You don’t have to be an expert gardener or landscaper to create a Florida-friendly yard. All it takes is willingness to learn and desire to build a beautiful yard that protects our environment.
Florida-friendly landscaping is now part of state law, which prohibits governments and homeowners associations from preventing implementation of its principles.
Fertilizing appropriately and watering efficiently are two of the nine Florida-friendly landscaping principles.
All commercial fertilizer applicators must have a license from the Florida Department of Agriculture and Consumer Services by Jan. 1, 2014. To get this license, each Green Industry employee must be trained in Best Management Practices, which teaches professionals how to implement FFL principles.
To address water conservation, Florida law states: “Any person who operates an automatic landscape irrigation system shall properly install, maintain and operate technology that inhibits or interrupts operation of the system during periods of sufficient moisture." Irrigation contractors must ensure there is an operational rain shut-off device on site before they can perform services. If it doesn’t exist or isn’t working, the contractor can be fined for not reporting the property owner or by completing the repair work without installing or repairing the rain shut-off device.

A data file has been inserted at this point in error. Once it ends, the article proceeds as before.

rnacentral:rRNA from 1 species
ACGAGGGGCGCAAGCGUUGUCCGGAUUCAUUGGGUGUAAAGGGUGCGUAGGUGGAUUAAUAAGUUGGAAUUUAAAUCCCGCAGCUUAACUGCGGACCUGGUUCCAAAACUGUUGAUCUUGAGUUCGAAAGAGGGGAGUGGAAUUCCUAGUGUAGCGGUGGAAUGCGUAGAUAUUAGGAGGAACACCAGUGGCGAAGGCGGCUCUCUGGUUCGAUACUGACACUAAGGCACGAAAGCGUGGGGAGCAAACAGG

Right Plant, Right Place, along with Mulch, Attracting Wildlife, Managing Yard Pests Responsibly, Recycling, Reducing Stormwater Runoff and Protecting the Waterfront are the titles of other principles.
Using landscape techniques to reduce factors that negatively affect natural resources is the foundation of Florida-friendly landscaping.
You'll save money, reduce workload and protect the environment by implementing these practices.
Sheila Dunning is a Commercial Horticulture Extension agent at the University of Florida's Institute of Food and Agricultural Sciences Extension Office in Crestview.